Nel Minchin delved into the family archives and turned the camera onto her brother Tim, her family and herself for Matilda & Me. By Caris Bizzaca.
Imagine over 20 years, seeing your brother go from piano-playing teen, to struggling actor, to comedy success, to the Olivier Award-winning composer of smash-hit musical Matilda.
Well for Nel Minchin, that’s pretty much what happened.
The co-director of Matilda & Me says that realisation came during an interview for the ABC documentary, which charts the journey of her big brother Tim from his childhood to becoming beloved performer and composer ‘Tim Minchin’.
“You find yourself sitting there interviewing Andrew Lloyd Webber about your brother and you remember we had bloody Starlight Express on tape and sang Jesus Christ Superstar start to finish around the piano in childhood. And Andrew Lloyd Webber is saying, ‘oh Tim’s a great new voice on the West End’,” she says.
“That’s pretty surreal.”
Minchin, who is nine years younger than Tim, is no stranger to comedy herself (just don’t ask her to crack a joke).
It was also several years ago when Minchin first heard Matilda the Musical was coming to Australia after its enormous success on the West End.
Initially, Minchin had envisioned doing a behind-the-scenes documentary following rehearsals as the Australian production headed toward opening night. But as she developed the idea, the film began to take on more and more of a more biographical edge.
“The other side of the story was how big a deal that was for Tim in a personal sense… so this sort of then became the part-bio, part-lead up to opening night film that it now is.”
It wasn’t until after the 25-day shoot had wrapped and they were into the edit, that co-director Rhian Skirving (who also made Rock n Roll Nerd, the 2008 doco about Tim) suggested Nel Minchin actually narrate the documentary, giving it even more of a personal feel.
The result is an intimate look at the journey of Tim Minchin, as well as Matilda the Musical, and how the two have been entwined much longer than most realise.
Some would argue it must be easier when the subject of your documentary is your brother, but Minchin says it’s not necessarily true.
Sure, the access is great. Aside from Tim, a number of the interviews in Matilda & Me are with Minchin’s own brothers and sisters. And finding archive footage from Tim’s youth only required a trip into the vault of old family photo albums and videos.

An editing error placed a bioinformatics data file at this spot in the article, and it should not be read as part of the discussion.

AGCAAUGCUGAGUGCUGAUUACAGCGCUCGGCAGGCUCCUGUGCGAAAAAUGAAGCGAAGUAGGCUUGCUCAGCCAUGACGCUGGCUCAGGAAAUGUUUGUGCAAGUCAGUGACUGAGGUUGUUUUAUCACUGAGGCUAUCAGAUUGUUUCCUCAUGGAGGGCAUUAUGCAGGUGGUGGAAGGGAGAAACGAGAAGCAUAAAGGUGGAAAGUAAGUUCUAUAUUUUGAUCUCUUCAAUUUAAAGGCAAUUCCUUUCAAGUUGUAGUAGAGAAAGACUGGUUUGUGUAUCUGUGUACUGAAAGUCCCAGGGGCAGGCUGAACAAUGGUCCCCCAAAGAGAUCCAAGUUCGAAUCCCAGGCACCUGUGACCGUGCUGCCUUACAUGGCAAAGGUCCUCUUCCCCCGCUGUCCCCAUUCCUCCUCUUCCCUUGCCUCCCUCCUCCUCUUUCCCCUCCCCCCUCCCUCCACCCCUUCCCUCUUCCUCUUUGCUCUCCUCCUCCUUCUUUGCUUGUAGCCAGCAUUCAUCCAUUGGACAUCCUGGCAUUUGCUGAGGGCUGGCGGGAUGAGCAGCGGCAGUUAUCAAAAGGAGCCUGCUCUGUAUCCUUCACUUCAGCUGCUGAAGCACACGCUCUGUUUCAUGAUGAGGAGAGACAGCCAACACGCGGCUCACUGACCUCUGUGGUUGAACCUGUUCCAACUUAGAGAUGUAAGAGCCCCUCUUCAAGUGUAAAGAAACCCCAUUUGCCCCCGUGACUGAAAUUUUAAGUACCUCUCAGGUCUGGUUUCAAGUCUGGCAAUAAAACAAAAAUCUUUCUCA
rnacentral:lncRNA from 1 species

Even interviews outside of Tim’s colleagues and families didn’t present too many challenges. Felicity Dahl (Roald Dahl’s wife) loves the musical, while former child actor Mara Wilson, who starred in the 1996 movie, was aware of Tim through Twitter and had also seen the show.
But Minchin says it’s just easier to navigate interviews when there is some distance.
“You always have to really respect who people are (in interviews) and try to get the right message across from each person, but when it’s your own family and also the colleagues of your brother, you sweat what you’re saying a lot,” she says.
However the interviews with all these “really bright, creative interesting people”, from Felicity Dahl, to Eddie Perfect, to Matilda the Musical writer Dennis Kelly, also taught Minchin something.
“It taught me the importance of taking a creative risk and sticking to your guns,” she says, adding it’s a mentality she’s used in her approach with something like Aunty Donna, which is different and more niche, but “so so good”.
With Matilda the Musical, Minchin says the Royal Shakespeare Company and director Matthew Warchus could have chosen someone safe. Instead they went with the writer of violent, darkly comic Channel 4 series Utopia to pen it and a clever, eyeliner-wearing wordsmith musician from Western Australia to compose.
“You’re like what the hell, how is this going to be a hit kids show?” Minchin says.
“(But) they just brought in exactly the right people and took a lot of risks, even though it wouldn’t have been easy.”
Matilda & Me airs on ABC on Sunday April 3 at 7.40pm.